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You should be able to turn it by hand with the engine off and feel drag on it. How much drag I'm not sure of an exact torque. The main thing is it is fluid filled and if bad there should be a leak showing.
 

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The fan mostly freewheels until the air around it gets hot. Then the coiled bi-metallic strip in the center causes it to engage and it pulls air. Over time, the fluid can leak out and it can look like it's working but not actually be moving much air.

When I diagnosed mine, I let the engine idle 'til it was HOT, then held the tip of the blade with a stick of wood while re-starting and running. The additional force of the wood pressed up against the end of the blade prevented the fan from turning, despite the thermostat being wide open and the temp gauge needle being way higher than midway & "normal".

I found it easiest to remove the radiator to replace the fan clutch, and used the opportunity to give the radiator a good internal cleaning. I've read that it is possible to replace the clutch by removing (and then reinstalling) the water pump, but I would choose not to break the seal. If you have the original water pump, it would be a good time to replace it as well. They last only about 100K miles anyway.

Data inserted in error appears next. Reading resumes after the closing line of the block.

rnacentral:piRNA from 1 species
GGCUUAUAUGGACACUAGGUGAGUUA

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If I remember right, you remove the bolts from the fan first (box end wrench), then remove just the fan shroud, and lift both of them up and out. This way you only remove the minimum of 'stuff' w/o loosing any coolant or needing new gaskets.

When I did mine I added a electric fan to the front of the rad cause I did a lot of slow crawling and push a plow. both are slow going and work the engine hard but there really isn't much air flow. Oh, and I just went simple. rather than using a thermo switch. I just added a toggle inside the cab.
Just running a electric fan and removing the stocker may save a few ponies.(?)
 

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Yup, I had to do that recently and it's only 4 little nuts on the fan and a couple bolts on the shroud. It probably took 15 minutes max.
 
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